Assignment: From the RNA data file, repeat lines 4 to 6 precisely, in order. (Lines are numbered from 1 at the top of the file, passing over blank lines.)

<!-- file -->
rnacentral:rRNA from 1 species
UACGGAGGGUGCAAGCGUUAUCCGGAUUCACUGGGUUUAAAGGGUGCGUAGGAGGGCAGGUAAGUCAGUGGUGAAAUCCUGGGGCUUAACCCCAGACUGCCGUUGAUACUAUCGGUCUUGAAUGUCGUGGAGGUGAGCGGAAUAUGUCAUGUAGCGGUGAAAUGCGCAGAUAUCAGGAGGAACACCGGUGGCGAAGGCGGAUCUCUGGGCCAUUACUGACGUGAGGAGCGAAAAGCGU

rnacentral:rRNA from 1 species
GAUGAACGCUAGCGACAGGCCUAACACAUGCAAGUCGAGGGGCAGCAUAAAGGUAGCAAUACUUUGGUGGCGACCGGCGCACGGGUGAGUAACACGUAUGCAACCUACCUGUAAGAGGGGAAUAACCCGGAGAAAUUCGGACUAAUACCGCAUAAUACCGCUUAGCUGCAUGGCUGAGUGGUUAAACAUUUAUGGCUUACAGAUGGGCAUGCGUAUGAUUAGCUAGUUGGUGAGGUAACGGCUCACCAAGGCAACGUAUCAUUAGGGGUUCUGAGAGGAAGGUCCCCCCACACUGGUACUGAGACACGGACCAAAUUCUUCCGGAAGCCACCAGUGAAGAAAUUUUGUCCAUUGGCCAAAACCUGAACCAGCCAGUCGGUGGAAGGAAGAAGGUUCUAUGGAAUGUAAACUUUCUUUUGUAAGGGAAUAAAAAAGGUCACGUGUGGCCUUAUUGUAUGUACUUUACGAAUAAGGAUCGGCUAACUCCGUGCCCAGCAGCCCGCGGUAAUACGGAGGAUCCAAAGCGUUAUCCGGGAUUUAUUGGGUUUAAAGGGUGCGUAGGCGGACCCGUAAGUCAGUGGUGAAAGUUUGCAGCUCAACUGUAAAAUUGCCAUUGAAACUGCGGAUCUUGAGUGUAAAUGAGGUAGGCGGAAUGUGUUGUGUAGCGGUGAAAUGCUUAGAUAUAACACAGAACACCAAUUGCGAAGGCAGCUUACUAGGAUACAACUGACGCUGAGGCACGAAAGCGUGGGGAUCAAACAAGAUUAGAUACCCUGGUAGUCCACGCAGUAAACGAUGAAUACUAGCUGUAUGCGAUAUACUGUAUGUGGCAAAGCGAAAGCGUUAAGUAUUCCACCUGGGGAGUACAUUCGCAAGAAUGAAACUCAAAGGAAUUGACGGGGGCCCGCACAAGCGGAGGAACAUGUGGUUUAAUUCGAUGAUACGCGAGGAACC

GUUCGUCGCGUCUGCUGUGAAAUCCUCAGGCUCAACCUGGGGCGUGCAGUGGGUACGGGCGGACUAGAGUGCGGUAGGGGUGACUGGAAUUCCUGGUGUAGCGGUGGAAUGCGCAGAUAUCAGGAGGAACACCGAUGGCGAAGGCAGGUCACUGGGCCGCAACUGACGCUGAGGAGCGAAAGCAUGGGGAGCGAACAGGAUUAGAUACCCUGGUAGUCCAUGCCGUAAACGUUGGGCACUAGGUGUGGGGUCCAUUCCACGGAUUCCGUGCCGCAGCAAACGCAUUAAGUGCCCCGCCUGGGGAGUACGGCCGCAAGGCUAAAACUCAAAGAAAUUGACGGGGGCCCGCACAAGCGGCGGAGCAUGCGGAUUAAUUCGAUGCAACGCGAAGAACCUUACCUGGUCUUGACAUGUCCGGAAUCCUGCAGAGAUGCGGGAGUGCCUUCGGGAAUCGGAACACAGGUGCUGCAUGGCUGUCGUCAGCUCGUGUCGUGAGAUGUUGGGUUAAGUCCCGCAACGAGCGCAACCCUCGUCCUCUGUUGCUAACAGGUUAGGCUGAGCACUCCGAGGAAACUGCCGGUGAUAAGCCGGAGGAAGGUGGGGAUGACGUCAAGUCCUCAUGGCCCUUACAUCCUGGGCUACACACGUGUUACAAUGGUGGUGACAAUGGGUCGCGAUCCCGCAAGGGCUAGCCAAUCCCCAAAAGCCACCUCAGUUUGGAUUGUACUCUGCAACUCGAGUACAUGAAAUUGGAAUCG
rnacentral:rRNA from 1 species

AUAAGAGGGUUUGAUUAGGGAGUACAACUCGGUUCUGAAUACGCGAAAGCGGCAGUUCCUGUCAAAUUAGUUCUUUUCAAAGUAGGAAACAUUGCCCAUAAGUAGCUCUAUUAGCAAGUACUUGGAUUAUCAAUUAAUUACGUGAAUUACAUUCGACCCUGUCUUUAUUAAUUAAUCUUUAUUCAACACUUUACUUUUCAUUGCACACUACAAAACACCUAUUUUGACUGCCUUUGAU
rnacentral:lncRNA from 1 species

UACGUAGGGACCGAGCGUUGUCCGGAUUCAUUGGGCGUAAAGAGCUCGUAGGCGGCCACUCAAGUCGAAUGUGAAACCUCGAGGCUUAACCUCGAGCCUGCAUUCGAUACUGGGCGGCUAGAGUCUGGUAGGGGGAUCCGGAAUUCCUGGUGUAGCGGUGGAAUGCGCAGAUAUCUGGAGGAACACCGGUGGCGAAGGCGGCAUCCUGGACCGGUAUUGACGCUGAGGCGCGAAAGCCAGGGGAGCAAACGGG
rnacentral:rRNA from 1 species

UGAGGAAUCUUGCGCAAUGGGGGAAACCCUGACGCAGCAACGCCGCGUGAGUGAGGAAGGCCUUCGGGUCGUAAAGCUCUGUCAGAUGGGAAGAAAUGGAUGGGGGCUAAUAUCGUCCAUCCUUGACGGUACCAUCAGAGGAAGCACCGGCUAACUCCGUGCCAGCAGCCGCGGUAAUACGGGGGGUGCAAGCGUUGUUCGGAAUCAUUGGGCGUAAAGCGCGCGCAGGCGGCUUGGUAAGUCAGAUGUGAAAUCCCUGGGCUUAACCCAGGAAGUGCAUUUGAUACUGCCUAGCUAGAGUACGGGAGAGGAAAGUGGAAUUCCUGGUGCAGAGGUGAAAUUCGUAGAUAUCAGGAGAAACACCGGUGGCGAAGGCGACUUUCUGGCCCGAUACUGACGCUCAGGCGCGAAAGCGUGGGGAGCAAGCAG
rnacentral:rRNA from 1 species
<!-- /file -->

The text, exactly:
GAUGAACGCUAGCGACAGGCCUAACACAUGCAAGUCGAGGGGCAGCAUAAAGGUAGCAAUACUUUGGUGGCGACCGGCGCACGGGUGAGUAACACGUAUGCAACCUACCUGUAAGAGGGGAAUAACCCGGAGAAAUUCGGACUAAUACCGCAUAAUACCGCUUAGCUGCAUGGCUGAGUGGUUAAACAUUUAUGGCUUACAGAUGGGCAUGCGUAUGAUUAGCUAGUUGGUGAGGUAACGGCUCACCAAGGCAACGUAUCAUUAGGGGUUCUGAGAGGAAGGUCCCCCCACACUGGUACUGAGACACGGACCAAAUUCUUCCGGAAGCCACCAGUGAAGAAAUUUUGUCCAUUGGCCAAAACCUGAACCAGCCAGUCGGUGGAAGGAAGAAGGUUCUAUGGAAUGUAAACUUUCUUUUGUAAGGGAAUAAAAAAGGUCACGUGUGGCCUUAUUGUAUGUACUUUACGAAUAAGGAUCGGCUAACUCCGUGCCCAGCAGCCCGCGGUAAUACGGAGGAUCCAAAGCGUUAUCCGGGAUUUAUUGGGUUUAAAGGGUGCGUAGGCGGACCCGUAAGUCAGUGGUGAAAGUUUGCAGCUCAACUGUAAAAUUGCCAUUGAAACUGCGGAUCUUGAGUGUAAAUGAGGUAGGCGGAAUGUGUUGUGUAGCGGUGAAAUGCUUAGAUAUAACACAGAACACCAAUUGCGAAGGCAGCUUACUAGGAUACAACUGACGCUGAGGCACGAAAGCGUGGGGAUCAAACAAGAUUAGAUACCCUGGUAGUCCACGCAGUAAACGAUGAAUACUAGCUGUAUGCGAUAUACUGUAUGUGGCAAAGCGAAAGCGUUAAGUAUUCCACCUGGGGAGUACAUUCGCAAGAAUGAAACUCAAAGGAAUUGACGGGGGCCCGCACAAGCGGAGGAACAUGUGGUUUAAUUCGAUGAUACGCGAGGAACC

GUUCGUCGCGUCUGCUGUGAAAUCCUCAGGCUCAACCUGGGGCGUGCAGUGGGUACGGGCGGACUAGAGUGCGGUAGGGGUGACUGGAAUUCCUGGUGUAGCGGUGGAAUGCGCAGAUAUCAGGAGGAACACCGAUGGCGAAGGCAGGUCACUGGGCCGCAACUGACGCUGAGGAGCGAAAGCAUGGGGAGCGAACAGGAUUAGAUACCCUGGUAGUCCAUGCCGUAAACGUUGGGCACUAGGUGUGGGGUCCAUUCCACGGAUUCCGUGCCGCAGCAAACGCAUUAAGUGCCCCGCCUGGGGAGUACGGCCGCAAGGCUAAAACUCAAAGAAAUUGACGGGGGCCCGCACAAGCGGCGGAGCAUGCGGAUUAAUUCGAUGCAACGCGAAGAACCUUACCUGGUCUUGACAUGUCCGGAAUCCUGCAGAGAUGCGGGAGUGCCUUCGGGAAUCGGAACACAGGUGCUGCAUGGCUGUCGUCAGCUCGUGUCGUGAGAUGUUGGGUUAAGUCCCGCAACGAGCGCAACCCUCGUCCUCUGUUGCUAACAGGUUAGGCUGAGCACUCCGAGGAAACUGCCGGUGAUAAGCCGGAGGAAGGUGGGGAUGACGUCAAGUCCUCAUGGCCCUUACAUCCUGGGCUACACACGUGUUACAAUGGUGGUGACAAUGGGUCGCGAUCCCGCAAGGGCUAGCCAAUCCCCAAAAGCCACCUCAGUUUGGAUUGUACUCUGCAACUCGAGUACAUGAAAUUGGAAUCG
rnacentral:rRNA from 1 species